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A Northern Light Hardcover – Sep 1 2004


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Product Details

  • Hardcover: 396 pages
  • Publisher: Perfection Learning (Sept. 1 2004)
  • Language: English
  • ISBN-10: 0756936144
  • ISBN-13: 978-0756936143
  • Product Dimensions: 21 x 13 x 3 cm
  • Shipping Weight: 408 g
  • Average Customer Review: 4.9 out of 5 stars  See all reviews (28 customer reviews)


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By Tammy Bramley on Jan. 26 2012
Format: Paperback
After reading Revolution by Jennifer Donnelly, I knew I had to read A Northern Light. As was expected, the book did not disappoint. I absolutely loved it. It was so beautifully written, the characters are so easy to like, and it is hard not to fall into this story.

To check out my full review, please go to:

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Format: Paperback
A Northern Light is the story of a murder. A true-story murder of a beautiful woman named Grace Brown occurring in the fancy Glenmore Hotel in New York City in 1906; a murder that inspired Theodore Dreiser's epic novel, An American Tragedy. That is what the back cover of this book says, though it greatly misleads the curious reader. A Northern Light is really the story of a young woman named Mattie Gokey---a sixteen-year-old girl from a destitute family living on a farm in rural New York---who finds her voice in the world through writing with her beloved words, and her struggle to deal with hardships left for those still on earth after someone dies.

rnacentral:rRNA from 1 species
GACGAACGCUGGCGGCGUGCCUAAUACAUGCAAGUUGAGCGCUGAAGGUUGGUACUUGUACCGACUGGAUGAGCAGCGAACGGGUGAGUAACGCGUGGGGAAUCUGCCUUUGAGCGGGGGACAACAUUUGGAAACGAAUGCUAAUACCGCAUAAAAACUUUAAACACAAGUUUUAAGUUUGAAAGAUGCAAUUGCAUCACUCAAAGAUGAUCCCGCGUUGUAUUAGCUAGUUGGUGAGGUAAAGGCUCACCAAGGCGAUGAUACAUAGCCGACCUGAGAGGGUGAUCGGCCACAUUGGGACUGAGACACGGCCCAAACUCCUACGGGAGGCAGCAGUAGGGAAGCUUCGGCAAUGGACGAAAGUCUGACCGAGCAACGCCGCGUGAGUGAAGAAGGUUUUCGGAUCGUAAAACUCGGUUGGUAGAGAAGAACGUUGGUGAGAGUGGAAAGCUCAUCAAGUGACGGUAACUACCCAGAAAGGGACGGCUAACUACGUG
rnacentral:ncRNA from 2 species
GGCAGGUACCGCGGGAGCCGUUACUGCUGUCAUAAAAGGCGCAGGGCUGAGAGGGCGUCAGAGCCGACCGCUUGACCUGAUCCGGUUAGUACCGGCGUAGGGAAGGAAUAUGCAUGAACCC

Mathilda Gokey, called Mattie or Matt, does not live a very luxurious or happy life. Mattie's mother has died, leaving her father completely grief-stricken. Mattie's older brother Lawton has left the farm for good, and Mattie's father is left to run a farm and care for four girls. The jobs which were once Lawton's, are now Mattie's; the family often struggles terribly to deal with their lack of money. Mattie tries to make things the best for her younger sisters---Abby, Lou, and Beth. But it still seems like no use.
Mattie dearly wishes hat she could attend college, for she is a very talented writer that loves words---she even picks a word of the day out of the dictionary--and even though she has received a scholarship to Barnard College, her father refuses to allow Mattie to go. It is because he's afraid he will lose just one more family member, for the third time. But even with the scholarship, Mattie does not have enough money for the train fare and tickets. So she decides to work at the Glenmore Hotel for the summer, to earn enough money to go to Barnard College in September.
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4 of 4 people found the following review helpful By I LOVE BOOKS TOP 1000 REVIEWER on Sept. 1 2007
Format: Paperback
I've recently finished this book and was totally absorbed by it. Two stories run on parallel grounds.
Set in the early 1900's, Mattie is a young lady very torn between her dreams of becoming a writer and family related responsibilities. To add to her dilemmas, she falls in love, feeling more and more confused.